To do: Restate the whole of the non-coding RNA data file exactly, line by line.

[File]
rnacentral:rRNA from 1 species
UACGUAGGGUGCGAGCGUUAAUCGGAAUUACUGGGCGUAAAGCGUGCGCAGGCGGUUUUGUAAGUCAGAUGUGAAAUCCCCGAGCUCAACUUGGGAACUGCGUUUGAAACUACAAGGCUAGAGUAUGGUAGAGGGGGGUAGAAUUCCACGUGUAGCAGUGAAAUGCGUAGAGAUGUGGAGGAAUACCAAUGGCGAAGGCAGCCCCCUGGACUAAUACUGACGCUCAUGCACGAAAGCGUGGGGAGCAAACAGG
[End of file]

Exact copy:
rnacentral:rRNA from 1 species
UACGUAGGGUGCGAGCGUUAAUCGGAAUUACUGGGCGUAAAGCGUGCGCAGGCGGUUUUGUAAGUCAGAUGUGAAAUCCCCGAGCUCAACUUGGGAACUGCGUUUGAAACUACAAGGCUAGAGUAUGGUAGAGGGGGGUAGAAUUCCACGUGUAGCAGUGAAAUGCGUAGAGAUGUGGAGGAAUACCAAUGGCGAAGGCAGCCCCCUGGACUAAUACUGACGCUCAUGCACGAAAGCGUGGGGAGCAAACAGG